My buds in Preson Phillips recently released a new album and needed some shots to help promote it. They wanted a close up, kinda harsh and gritty look, so here’s what I wound up doing for them:
Most of my lights were constant lights for these shots; two Westcott TD6s with strip banks on either side and a fluorescent ring light (mainly for the catchlight in the eyes). I used constant lights because I wanted a shallow depth of field so their eyes would really stand out, and it’s difficult to achieve that with strobes. It’s possible, but I didn’t have the right combination of low-powered lights and compatible modifiers to make it work, so constant lights were the way to go in this instance. The background light was an Elinchrom BRX 500 with a reflector aimed at the white wall behind them:
If anyone is interested in the TD6s, I think they’re useful for what they are. But the main problem I have with them is there’s no case to store them in with the bulbs in, so you have to unscrew the bulbs and store them in something when they’re being transported/stored or you risk breaking them. If you’re just setting them up and leaving them, then that won’t be an issue.
I recently had the opportunity to cover a sold out arena show for the band Third Day, who gave me full access to do pretty much anything I wanted. Today I want to share some of those shots with you, as well as my experience covering the show. I also recently shot some band portraits for another artist that I’ll share after the concert stuff.
As soon as I got the phone call asking if I was available to come to Atlanta and cover the Third Day show, and being told I would have full access, I knew I wanted to set up a remote camera on stage to capture the view of the band performing with the sold-out audience as well. I set it up during the band’s sound check (as you can see in the test shot above) using two Manfrotto Variable Friction Magic Arm with Super Clamp setups (one to hold the camera and another attached to the rail and arm holding the camera for added security/support).
The camera itself is a Canon 5D Mark III with a 8-15mm fisheye lens at 15mm, and I put the biggest memory card I had in it to make sure I didn’t run out of card space during the show as I wouldn’t have access to it to swap out cards. Since this was my first time setting up a remote camera on stage, I just took a guess at the settings and hoped it would work. I went with Spot Metering, Auto ISO with 1/250 as the minimum shutter and 12,800 as the max ISO, and f/5.6 just to be safe on depth of field.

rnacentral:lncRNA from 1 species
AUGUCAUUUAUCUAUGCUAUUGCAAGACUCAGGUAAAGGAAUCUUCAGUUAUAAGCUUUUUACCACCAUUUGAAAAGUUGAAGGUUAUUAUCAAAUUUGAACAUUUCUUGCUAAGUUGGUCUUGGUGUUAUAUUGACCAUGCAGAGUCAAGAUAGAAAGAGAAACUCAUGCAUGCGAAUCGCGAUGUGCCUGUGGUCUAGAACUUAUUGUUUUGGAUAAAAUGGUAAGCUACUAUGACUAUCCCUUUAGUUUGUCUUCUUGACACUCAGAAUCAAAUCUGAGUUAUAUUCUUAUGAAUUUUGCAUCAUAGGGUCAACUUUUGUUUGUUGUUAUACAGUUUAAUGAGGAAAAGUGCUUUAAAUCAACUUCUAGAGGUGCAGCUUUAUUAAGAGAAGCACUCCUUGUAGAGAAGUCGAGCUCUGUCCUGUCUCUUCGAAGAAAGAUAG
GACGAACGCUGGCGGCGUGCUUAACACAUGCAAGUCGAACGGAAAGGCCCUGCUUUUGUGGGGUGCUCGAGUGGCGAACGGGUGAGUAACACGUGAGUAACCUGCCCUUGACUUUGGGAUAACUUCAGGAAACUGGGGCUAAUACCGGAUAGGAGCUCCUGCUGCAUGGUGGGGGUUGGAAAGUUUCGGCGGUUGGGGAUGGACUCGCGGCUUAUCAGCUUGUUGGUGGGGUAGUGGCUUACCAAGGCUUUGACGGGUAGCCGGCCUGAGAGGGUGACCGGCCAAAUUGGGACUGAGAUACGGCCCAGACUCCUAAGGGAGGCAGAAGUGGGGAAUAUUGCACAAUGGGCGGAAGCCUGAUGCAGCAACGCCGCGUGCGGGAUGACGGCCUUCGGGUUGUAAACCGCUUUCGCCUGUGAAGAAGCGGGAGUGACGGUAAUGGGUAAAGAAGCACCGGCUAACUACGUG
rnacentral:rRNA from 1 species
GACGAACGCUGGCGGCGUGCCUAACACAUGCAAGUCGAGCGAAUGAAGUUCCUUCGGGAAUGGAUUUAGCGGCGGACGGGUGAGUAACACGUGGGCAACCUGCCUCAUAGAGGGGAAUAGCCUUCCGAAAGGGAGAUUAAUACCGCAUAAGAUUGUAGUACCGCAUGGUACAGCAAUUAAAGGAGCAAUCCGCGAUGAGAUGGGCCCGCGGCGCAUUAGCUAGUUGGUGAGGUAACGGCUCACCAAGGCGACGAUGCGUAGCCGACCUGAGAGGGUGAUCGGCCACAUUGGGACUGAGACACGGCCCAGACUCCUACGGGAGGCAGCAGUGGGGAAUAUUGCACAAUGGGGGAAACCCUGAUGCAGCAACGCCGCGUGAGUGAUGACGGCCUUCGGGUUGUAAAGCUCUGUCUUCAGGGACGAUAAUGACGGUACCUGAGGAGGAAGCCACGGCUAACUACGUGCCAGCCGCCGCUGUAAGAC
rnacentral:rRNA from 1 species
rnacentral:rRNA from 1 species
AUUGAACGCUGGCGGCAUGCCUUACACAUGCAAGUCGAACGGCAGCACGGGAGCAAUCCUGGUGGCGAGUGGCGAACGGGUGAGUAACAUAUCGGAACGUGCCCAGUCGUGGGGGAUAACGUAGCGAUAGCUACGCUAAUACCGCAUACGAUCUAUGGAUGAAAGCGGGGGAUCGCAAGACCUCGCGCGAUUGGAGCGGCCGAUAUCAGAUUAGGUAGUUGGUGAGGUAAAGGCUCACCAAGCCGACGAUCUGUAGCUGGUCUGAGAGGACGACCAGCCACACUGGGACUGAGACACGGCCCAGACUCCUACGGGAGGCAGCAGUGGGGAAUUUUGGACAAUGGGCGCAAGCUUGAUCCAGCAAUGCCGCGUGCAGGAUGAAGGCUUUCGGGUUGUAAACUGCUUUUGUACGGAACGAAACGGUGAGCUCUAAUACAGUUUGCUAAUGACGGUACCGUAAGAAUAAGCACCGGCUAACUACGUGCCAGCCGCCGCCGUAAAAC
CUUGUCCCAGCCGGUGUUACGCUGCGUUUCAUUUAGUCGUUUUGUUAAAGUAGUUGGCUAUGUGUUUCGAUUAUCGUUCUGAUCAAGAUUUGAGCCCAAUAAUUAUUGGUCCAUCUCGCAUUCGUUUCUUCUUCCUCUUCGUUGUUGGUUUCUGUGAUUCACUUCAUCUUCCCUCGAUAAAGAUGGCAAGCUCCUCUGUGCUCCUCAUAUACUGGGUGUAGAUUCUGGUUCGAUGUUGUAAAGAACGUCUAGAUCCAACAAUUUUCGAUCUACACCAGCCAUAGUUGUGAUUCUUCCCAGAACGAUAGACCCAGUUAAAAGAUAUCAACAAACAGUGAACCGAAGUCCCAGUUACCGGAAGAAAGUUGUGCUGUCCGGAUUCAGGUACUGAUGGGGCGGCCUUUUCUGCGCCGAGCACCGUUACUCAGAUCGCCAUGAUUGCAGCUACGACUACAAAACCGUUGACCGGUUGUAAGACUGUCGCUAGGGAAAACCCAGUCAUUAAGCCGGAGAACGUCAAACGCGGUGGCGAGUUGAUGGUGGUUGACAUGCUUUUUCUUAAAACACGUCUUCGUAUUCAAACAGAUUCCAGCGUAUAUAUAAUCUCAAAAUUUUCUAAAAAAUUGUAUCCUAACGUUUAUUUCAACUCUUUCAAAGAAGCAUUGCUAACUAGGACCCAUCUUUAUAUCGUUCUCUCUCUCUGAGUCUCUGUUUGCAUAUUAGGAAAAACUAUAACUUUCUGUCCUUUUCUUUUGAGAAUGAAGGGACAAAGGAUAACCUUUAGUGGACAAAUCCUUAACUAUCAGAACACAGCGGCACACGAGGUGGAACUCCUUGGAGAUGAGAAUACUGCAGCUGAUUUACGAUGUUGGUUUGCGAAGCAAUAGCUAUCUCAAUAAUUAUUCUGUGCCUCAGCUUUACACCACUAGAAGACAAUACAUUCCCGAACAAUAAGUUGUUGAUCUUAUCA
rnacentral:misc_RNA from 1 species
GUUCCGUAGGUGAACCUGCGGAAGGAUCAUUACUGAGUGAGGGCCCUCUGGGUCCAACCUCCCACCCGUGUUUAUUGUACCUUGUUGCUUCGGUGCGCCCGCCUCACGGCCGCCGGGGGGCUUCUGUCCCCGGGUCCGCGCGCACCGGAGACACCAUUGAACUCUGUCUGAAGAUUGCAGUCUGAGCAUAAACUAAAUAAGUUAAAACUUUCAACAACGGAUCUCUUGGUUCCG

To trigger the camera, there’s a PocketWizard Plus III in the hot shoe and connected to the remote port with the appropriate cable (in this case the CM-N3-ACC), and I had another PocketWizard Plus III in my front shirt pocket that I used to trigger it during the show. I could have put the PocketWizard I had on me on one of the cameras I was carrying if I wanted the on-stage camera to shoot at the same time I was shooting, but I opted not to.
This allowed me to capture some key moments during the show from a unique perspective, as well as show the size of the crowd. These guys aren’t doing too badly for a band that’s both been around for over 20 years, and it’s still four of the founding members!
It’s always a privilege to shoot soundcheck, so here are a couple of my favorites from that:
The band invited some friends to join them for the show, including one of my other favorite bands, Needtobreathe, who were also in town for their own shows at The Tabernacle that weekend and stopped by for a couple of songs:
And here are a few more of my favorites from the evening:
And at the end of the show, I went on stage to get a shot of them facing me with the crowd behind them:
It’s a cool experience being able to shoot for a band that you grew up listening to and can now call friends, so I’m hoping to have the privilege of shooting for these guys more in the future!